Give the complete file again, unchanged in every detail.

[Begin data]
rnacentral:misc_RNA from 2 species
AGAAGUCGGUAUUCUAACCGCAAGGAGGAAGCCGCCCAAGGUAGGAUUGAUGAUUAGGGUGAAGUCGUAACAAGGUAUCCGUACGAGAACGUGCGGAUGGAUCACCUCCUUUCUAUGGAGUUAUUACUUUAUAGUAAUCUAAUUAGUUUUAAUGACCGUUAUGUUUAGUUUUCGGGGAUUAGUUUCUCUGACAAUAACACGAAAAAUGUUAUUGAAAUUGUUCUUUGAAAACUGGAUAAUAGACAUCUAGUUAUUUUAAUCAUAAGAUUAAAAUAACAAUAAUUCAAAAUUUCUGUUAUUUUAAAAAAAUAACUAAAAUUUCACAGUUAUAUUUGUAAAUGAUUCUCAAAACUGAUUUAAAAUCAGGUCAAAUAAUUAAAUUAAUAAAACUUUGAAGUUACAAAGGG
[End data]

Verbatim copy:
rnacentral:misc_RNA from 2 species
AGAAGUCGGUAUUCUAACCGCAAGGAGGAAGCCGCCCAAGGUAGGAUUGAUGAUUAGGGUGAAGUCGUAACAAGGUAUCCGUACGAGAACGUGCGGAUGGAUCACCUCCUUUCUAUGGAGUUAUUACUUUAUAGUAAUCUAAUUAGUUUUAAUGACCGUUAUGUUUAGUUUUCGGGGAUUAGUUUCUCUGACAAUAACACGAAAAAUGUUAUUGAAAUUGUUCUUUGAAAACUGGAUAAUAGACAUCUAGUUAUUUUAAUCAUAAGAUUAAAAUAACAAUAAUUCAAAAUUUCUGUUAUUUUAAAAAAAUAACUAAAAUUUCACAGUUAUAUUUGUAAAUGAUUCUCAAAACUGAUUUAAAAUCAGGUCAAAUAAUUAAAUUAAUAAAACUUUGAAGUUACAAAGGG